Next is the first single released, the stunning ‘The Mysterious Vanishing of Electra’, which takes its sonic cues from that magisterial live version of ‘Funeral For My Future Children’. Led by a confident and catchy rolling drum pattern and monolithic organ chords, the track mixes trance-inducing repetition with some of Von Hausswolff’s most experimental and unhinged vocals to date. Her voice is chameleonic, slipping from low witch cackles to wild shrieks within single words, even single syllables. Referring both to the figure from Greek mythology and to one of her own middle names in the track’s title, Von Hausswolff recently discussed Dead Magic as an album with a more personal and more generally female aspect, in a recent interview for The Arts Desk website.
Pushing the boundaries of her voice like never before, Von Hausswolff provides a tour through alternative and experimental women vocalists – evoking the spirit of Diamanda Galás, Jarboe, Kate Bush, and Beth Gibbons – yet shaped into a voice instantly recognizable and uniquely her own. There is a genuine wretchedness and viciousness with which she growls the line ‘My love is not enough to save me’, and the huge, octave-climbing whoops she emits here, on the final word, are deranged, enigmatic and genuinely hair-raising. Building to a fierce climax, ‘The Mysterious Vanishing of Electra’ draws upon the skills of guitarists Karl Vento and Joel Fabiansson, whose perfectly placed doomy leads are simple but devastating.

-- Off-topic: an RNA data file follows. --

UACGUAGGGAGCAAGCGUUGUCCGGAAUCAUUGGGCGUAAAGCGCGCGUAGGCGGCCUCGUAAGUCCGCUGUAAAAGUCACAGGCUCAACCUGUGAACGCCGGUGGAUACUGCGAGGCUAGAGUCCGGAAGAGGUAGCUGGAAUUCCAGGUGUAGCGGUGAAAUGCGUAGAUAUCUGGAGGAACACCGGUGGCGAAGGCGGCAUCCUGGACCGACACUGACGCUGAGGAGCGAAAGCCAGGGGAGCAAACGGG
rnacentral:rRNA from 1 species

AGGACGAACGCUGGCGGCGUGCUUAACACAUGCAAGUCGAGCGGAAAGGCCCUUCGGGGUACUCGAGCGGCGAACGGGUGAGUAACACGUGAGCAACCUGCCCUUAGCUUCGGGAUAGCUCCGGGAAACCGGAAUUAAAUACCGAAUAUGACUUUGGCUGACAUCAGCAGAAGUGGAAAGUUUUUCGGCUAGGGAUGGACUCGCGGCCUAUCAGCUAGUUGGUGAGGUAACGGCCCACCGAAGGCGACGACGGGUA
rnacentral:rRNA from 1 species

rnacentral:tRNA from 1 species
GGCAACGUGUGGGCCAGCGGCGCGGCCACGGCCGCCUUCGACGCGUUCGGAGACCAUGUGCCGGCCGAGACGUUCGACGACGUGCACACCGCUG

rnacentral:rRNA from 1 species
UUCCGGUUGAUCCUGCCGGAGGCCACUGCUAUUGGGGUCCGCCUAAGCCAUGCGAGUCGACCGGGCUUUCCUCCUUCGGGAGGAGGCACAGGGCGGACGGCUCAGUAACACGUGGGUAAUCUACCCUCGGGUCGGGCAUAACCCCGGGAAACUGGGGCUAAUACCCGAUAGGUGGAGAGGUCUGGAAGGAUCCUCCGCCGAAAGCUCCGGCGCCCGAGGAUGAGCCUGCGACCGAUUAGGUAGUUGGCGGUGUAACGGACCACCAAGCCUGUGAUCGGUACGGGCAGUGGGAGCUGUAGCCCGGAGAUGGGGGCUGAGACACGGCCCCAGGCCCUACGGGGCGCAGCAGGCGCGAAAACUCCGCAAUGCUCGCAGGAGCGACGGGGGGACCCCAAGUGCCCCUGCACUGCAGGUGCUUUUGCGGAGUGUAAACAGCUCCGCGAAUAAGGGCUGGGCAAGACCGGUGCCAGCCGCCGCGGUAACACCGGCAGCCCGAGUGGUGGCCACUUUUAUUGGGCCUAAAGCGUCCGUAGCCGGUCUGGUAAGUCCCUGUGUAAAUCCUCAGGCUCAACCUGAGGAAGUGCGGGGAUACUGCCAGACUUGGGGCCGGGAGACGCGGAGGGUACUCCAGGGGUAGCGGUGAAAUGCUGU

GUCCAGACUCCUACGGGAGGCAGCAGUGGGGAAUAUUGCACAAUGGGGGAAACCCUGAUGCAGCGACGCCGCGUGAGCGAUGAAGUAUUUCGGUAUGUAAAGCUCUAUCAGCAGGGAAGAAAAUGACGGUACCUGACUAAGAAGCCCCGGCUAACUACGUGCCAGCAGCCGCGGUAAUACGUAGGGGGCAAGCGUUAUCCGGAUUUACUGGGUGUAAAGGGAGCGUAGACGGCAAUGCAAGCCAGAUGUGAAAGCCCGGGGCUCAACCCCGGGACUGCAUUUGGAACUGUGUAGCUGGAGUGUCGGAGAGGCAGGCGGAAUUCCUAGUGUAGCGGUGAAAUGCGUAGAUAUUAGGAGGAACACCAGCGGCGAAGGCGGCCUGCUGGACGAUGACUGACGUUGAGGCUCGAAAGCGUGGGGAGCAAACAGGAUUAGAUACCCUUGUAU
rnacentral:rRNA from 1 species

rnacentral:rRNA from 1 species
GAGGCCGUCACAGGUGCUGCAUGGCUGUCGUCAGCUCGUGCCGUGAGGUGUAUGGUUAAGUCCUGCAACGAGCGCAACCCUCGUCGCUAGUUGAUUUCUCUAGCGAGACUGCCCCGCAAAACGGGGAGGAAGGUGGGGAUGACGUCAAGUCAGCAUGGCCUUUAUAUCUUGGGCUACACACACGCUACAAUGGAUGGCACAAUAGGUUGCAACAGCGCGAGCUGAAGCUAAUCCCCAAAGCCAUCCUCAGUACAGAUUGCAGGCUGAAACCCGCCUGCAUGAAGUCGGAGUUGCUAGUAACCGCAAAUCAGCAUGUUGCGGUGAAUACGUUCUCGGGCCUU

Clocking in at just over sixteen minutes, ‘Ugly and Vengeful’ is the album’s longest, slowest and most brooding track. Gradually building-up from crackly dark ambience through woozy synth, strange chanting and the omnipresent organ at its most expansive and cavernous – via a brief drum and vocal break like The Creatures’ strange exotica – to peak with pure minor-chord doom. ‘The Marble Eye’, Dead Magic’s only instrumental, is a sombre and multi-layered keyboard piece that showcases the power of the 20th century organ housed in Copenhagen’s Marmorkirken (“the Marble Church”) on which Von Hausswolff recorded during 2016. Melancholy and funereal it may be, but ‘The Marble Eye’ acts as a kind of respite, a moment to take breath amidst this album of huge and unpredictable emotional narratives. The album’s closer ‘Källans återuppståndelse’ returns to the work of Ljungquist, translating appropriately as ‘Return Of The Source’. Shimmering into life with radiant synth that is highly reminiscent of ‘Laura Palmer’s Theme (instrumental)’ from Angelo Badalamenti’s Twin Peaks soundtrack, it’s a powerful piece – especially when Von Hausswolf’s vocals come in, with shades of Julee Cruise at her most ethereal – and a calmer, dream-like end to an otherwise mournful and energetic album.
Overall the album feels like the next logical step in her musical development, continuing the trajectory of her previous albums in terms of lyrical content, vocal experimentation and, above all, sheer quality. Given the exposure brought to her via an appearance on BBC Radio 6 Music recently, Dead Magic proves to be Von Hausswolff’s breakthrough album, as attested by a recent sold-out London show. If The Miraculous saw her testing the fit of style and genres, then Von Hausswolff’s fourth album provides space for the refinement of her previous ideas into something magnificently uninhibited and wild. The result is her most deeply emotive, as well as conceptually and sonically coherent, work to date. Dead Magic is Anna Von Hauswolff’s darkest music yet – and the darkness suits her.